Lynette and Charles Mixon came up with a name to trace the land ownership by - Smith. The site of Mary's burial was on the old Smith family homeplace.
"We've heard tales that she was a slave, " revealed Mixon. Information that Smith family descendants still lived in the area refuelled another quest.
Back in the vaults of the courthouse, the name Daniel Newman Smith (1818-1867) emerged as the landowner. One of his great grandsons still lived in the county nearby.
A visit with Joe Smith started to unravel the mystery. The elderly man confirmed that Mary was indeed a slave and that she had raised his grandfather after the death of his mother when he was an infant.
Granddaddy called her "Aunt Mary," Smith said. "He always said she took good care of him and his brother and sister until she died. She was like a mother to all of them, " the relative wistfully recalled.
"I never knew her last name. If my granddaddy told me, I don't remember, " he added. "Sometimes, you know, slaves would take the name of their masters, but I don't recall if he said her last name."
Mack Gray Smith (1853 - 1933) was the grandfather of whom he spoke. "He was about nine years old when she died. They buried her there and he kept up her grave until his death. I cleaned off the spot many times in my younger years," the retired miner added.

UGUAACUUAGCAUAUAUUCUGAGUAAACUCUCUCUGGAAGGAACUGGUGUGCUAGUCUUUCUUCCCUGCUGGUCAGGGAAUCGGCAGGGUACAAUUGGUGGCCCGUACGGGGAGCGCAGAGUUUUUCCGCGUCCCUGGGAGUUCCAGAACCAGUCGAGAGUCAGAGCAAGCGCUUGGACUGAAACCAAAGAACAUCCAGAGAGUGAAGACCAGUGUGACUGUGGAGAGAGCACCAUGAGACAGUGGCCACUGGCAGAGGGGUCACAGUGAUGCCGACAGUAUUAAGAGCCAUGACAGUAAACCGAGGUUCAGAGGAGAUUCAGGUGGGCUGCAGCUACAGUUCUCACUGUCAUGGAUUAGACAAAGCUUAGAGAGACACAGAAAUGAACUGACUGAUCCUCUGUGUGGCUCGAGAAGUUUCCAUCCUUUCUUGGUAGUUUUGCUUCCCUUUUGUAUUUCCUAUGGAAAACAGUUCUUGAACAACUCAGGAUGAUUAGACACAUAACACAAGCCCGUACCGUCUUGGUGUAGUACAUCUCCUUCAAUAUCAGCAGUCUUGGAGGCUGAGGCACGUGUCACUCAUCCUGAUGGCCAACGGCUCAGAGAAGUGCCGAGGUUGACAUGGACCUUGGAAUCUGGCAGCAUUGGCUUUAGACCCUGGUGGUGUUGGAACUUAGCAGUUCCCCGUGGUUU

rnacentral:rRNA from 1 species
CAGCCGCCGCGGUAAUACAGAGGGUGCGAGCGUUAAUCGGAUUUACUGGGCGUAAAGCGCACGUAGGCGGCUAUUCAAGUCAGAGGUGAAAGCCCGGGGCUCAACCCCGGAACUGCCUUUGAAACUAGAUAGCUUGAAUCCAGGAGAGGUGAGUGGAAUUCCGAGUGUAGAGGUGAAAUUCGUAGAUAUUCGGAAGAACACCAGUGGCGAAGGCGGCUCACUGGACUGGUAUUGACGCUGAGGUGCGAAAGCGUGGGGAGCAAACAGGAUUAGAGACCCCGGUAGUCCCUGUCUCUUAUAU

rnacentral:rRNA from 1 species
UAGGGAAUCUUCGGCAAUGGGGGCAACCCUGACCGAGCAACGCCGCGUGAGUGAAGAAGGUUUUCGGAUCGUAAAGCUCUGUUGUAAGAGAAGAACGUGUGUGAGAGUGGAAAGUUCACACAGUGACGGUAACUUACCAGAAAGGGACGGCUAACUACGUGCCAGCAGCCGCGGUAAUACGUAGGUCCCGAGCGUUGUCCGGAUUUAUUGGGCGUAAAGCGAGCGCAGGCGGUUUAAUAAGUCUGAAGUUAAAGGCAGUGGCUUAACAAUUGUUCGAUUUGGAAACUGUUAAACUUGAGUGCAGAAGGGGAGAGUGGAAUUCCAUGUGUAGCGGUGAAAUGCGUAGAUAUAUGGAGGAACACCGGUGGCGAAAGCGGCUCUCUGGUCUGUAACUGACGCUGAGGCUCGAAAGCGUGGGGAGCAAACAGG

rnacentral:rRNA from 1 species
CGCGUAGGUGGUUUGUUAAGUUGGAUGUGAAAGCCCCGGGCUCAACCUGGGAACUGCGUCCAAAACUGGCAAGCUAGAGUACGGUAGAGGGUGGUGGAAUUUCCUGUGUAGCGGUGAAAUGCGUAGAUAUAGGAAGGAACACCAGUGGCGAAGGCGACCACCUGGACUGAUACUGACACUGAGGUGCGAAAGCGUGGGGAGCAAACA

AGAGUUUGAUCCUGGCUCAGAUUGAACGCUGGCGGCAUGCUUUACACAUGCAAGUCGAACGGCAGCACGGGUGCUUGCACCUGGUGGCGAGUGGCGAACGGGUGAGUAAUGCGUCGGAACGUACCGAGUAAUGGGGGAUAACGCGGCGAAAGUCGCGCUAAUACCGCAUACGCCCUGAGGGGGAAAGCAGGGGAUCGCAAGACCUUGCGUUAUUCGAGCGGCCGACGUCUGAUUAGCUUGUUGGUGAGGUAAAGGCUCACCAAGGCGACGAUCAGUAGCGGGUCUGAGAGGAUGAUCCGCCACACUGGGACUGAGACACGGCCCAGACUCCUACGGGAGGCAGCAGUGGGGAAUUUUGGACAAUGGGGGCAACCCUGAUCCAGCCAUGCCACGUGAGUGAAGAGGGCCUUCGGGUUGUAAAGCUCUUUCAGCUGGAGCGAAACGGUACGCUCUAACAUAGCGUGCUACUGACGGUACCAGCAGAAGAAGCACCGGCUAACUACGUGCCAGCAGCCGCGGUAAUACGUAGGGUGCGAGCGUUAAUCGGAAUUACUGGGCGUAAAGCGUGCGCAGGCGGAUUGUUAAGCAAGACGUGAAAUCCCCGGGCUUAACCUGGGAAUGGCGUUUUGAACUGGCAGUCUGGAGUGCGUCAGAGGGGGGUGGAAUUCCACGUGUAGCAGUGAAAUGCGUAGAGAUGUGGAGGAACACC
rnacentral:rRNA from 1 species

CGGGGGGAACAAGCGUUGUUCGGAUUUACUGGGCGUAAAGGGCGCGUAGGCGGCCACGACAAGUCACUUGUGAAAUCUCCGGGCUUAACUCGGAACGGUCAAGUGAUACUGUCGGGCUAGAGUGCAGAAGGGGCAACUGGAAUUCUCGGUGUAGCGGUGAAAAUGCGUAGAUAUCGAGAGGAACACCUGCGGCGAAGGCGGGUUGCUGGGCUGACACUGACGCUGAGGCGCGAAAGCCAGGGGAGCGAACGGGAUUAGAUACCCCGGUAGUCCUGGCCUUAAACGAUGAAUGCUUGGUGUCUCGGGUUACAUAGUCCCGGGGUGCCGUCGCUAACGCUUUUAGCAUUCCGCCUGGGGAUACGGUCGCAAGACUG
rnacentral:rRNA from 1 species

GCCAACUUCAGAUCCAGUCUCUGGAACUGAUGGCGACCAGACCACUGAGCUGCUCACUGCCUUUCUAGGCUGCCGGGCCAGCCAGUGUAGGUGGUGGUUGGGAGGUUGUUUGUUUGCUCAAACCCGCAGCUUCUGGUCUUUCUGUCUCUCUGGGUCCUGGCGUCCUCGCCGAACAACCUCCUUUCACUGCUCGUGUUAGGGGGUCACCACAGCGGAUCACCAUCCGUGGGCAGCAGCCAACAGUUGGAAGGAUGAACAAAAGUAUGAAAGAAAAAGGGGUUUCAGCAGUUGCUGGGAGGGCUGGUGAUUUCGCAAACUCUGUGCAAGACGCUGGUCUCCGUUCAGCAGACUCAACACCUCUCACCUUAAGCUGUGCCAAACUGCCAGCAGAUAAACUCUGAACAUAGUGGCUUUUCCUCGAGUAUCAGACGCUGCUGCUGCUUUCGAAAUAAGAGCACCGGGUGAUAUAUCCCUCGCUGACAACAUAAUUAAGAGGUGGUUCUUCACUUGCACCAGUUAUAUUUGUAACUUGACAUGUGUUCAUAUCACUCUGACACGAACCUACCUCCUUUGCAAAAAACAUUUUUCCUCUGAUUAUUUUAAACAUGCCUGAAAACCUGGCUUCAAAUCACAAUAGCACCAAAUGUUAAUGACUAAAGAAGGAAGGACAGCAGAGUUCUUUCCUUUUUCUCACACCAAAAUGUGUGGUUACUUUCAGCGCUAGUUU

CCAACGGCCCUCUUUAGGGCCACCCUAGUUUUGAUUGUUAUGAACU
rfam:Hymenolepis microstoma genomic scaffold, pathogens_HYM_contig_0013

Mary's tombstone had weathered the years basically unharmed until the mining started. A bulldozer broke the stone and overturned the slab. When it was set upright again, it faced the wrong direction.
"My granddaddy's father built that stone himself out of chimney rock (limestone), " said Smith. The inscription etched on it is barely readable after 125 years.
"She was sent to the Smith home at the tender age of 18 by the Spence family. Granddaddy eventually married Rosa Spence, my grandmother. He told me stories about Mary, but I don't recall how or why she died a such young age, " Smith stated.
Historian Victor Davidson wrote about a smallpox epidemic that struck in Wilkinson County in 1862, the year of Mary's death. In his words, "It imposed a hardship upon the people already overburdened by the Civil War"
Another historic account by Joe Maddox told of the shortage of food and medical supplies because of the war effort. That account told also of the loyalty of slaves in support of the Confederacy.
Joe Smith spoke of that loyalty, "Slaves didn't fare bad back then, not like some people think. People were might good to them and they were loyal, just like your family's loyal," he said.
Indeed, what else could inspire such devotion from a young boy to his "Aunt Mary?" What else could have aroused the memories of motherly love from someone other than his own parent but love and loyalty despite the scar of slavery on Georgia's history?
Although the mystery of Mary wasn't completely solved, her story may be a lesson from the past - that love transcended the barriers of race, creed, and time. Her tombstone is a monument to that love.
Patricia A. Collins Copyright 1986
All rights reserved.
Reprinted with permission of the author.
Website copyright Eileen Babb McAdams 2006 - 2007